From the early hours, pilgrims began descending on Castel Gandolfo, eager to join Pope Francis celebrate his first Feast of the Assumption Mass as Roman Pontiff.
His visit was made all the more special as he had earlier in the year decided to break with tradition to spend a “working vacation” in the Vatican, away from the papal summer residence. Indeed, as Pope, this was only the third time he had visited the apostolic palace in the Albano hills just outside Rome, and the first Mass he had celebrated there.
But the prolonged absence of a pope residing at Castel Gandolfo was somewhat compensated by another innovation: celebration of the Mass not in the courtyard of the summer residence, as previous popes have done, but in Piazzale della Liberta – the town’s small, main square – so the maximum number of pilgrims could take part. An elevated altar was erected in front of the main gate of the palace, allowing the many attending to gain some glimpse of the new Pope.
The local authorities estimated that around 10,500 pilgrims filed into the small square and adjoining street, including a large number of young Argentinians, Mexicans, and a group from Guinea. The Holy Father’s compatriots were naturally the most jubilant and vocal, filling the small space with joyful folk songs in anticipation of his arrival.
“Pope Francis is the best – he is Argentinian!”, said Sol, a girl from Buenos Aires. “He is very humble – austere I would say – and friendly. I think it is what the Church needs.”
The Holy Father travelled the 21 miles or so by car instead of the usual helicopter in order to cut costs. He made a short visit to a local Clarissan monastery on arrival before appearing soon after 10.30 to a roar and applause from the crowd.
The charged atmosphere was also somewhat tense, exacerbated by the confined space and the hot August sun. At least two people fainted and were carried off in stretchers. Meanwhile, one couple near me at the front, became angry at being moved on by stewards and started complaining so loudly that it forced Pope Francis and cardinals at the altar to pause and give them icy stares until they quietened down.
But these incidents couldn’t hold back the crowd from warmly embracing the Pope.
In his homily, the Holy Father explained how the Assumption of the Virgin Mary into heaven prompts us to focus on three key words: struggle, resurrection and hope.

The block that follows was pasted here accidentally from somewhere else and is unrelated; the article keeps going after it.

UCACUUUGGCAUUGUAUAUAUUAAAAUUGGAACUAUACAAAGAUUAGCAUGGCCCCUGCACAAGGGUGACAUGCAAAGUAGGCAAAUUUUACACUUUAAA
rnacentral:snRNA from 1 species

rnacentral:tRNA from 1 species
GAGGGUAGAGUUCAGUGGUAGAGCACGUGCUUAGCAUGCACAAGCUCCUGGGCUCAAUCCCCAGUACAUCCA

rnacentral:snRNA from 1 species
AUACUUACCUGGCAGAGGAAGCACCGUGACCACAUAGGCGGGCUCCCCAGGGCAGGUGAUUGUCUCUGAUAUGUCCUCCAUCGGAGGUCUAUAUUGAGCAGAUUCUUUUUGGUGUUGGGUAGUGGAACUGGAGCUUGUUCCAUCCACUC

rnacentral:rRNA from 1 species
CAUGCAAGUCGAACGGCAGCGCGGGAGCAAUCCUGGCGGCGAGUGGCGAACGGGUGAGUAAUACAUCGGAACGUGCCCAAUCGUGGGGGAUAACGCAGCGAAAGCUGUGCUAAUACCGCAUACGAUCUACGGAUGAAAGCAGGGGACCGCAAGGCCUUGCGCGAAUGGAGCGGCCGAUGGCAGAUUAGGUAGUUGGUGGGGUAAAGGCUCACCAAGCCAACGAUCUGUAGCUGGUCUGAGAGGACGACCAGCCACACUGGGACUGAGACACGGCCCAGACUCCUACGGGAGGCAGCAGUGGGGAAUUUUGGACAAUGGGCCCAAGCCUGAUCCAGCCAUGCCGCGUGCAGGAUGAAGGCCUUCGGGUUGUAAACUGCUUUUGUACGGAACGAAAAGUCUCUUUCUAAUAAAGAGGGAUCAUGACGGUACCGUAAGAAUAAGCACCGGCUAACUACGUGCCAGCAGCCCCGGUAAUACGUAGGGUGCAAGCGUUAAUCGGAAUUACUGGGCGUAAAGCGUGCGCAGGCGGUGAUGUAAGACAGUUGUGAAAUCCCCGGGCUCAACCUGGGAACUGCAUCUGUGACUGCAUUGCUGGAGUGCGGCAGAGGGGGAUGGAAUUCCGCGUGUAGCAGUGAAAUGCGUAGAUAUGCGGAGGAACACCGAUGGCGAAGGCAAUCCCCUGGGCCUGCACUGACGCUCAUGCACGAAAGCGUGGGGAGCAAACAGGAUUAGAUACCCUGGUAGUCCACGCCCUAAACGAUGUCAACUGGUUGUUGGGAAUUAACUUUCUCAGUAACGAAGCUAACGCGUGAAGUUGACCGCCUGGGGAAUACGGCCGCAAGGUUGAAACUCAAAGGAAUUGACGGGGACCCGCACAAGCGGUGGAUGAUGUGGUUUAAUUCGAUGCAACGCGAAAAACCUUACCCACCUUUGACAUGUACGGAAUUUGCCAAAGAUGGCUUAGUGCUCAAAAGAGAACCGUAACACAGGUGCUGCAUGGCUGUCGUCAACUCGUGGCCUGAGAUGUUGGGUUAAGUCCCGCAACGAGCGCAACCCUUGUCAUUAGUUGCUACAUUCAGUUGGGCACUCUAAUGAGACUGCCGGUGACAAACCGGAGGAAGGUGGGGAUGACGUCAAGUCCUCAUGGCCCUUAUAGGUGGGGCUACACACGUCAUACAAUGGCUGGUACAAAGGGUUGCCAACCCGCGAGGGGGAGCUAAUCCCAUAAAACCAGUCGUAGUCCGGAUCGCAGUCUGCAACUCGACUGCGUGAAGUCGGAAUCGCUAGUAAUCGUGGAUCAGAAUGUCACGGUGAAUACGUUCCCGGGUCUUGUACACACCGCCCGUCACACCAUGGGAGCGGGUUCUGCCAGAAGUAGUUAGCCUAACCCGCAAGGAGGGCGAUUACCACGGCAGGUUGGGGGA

The Church and Our Lady never leave us in our struggles, he said: the Church is “glorious and triumphant” but must continually struggle against evil. But just as the Church never leaves us in the struggle, neither does Mary.
The Pope then adlibbed, asking those present: “Do you pray the Rosary every day?”, to which the crowd shouted “Yes!”. “But I’m not sure you do,” Francis replied, smiling. “Really?” The people laughed, but Francis stressed that the Rosary is important in the “battle against the evil one and his accomplices.”
He then explained how Mary’s humanity is “attracted” by the Son and his own passage from death to life, and that she, too, experienced the martyrdom of the Cross. “Christ is the first fruits from the dead and Mary is the first of the redeemed, the first of ‘those who are in Christ,’” he said. She is, he added, “our Mother, but we can also say that she is our representative, our sister…who has arrived in heaven.”
Having shared how Mary helps us in our struggles and leads us to Christ’s resurrection, he underlined the importance of “hope” by reflecting on the Magnificat. It is a “song of hope”, the “song of the People of God walking through history,” he said. The Magnificat, he added, “is particularly strong in places where the Body of Christ is suffering the Passion.” Looking up from his prepared remarks, he said: “For us Christians, wherever the Cross is, there is hope, always. If there is no hope, we are not Christian.”
That is why, he said, he likes to warn the faithful not to be “robbed of hope, because this strength is a grace, a gift from God which carries us forward with our eyes fixed on heaven.” And Mary, he said, “is always there, near those communities, our brothers and sisters, she accompanies them, suffers with them, and sings the Magnificat of hope with them.”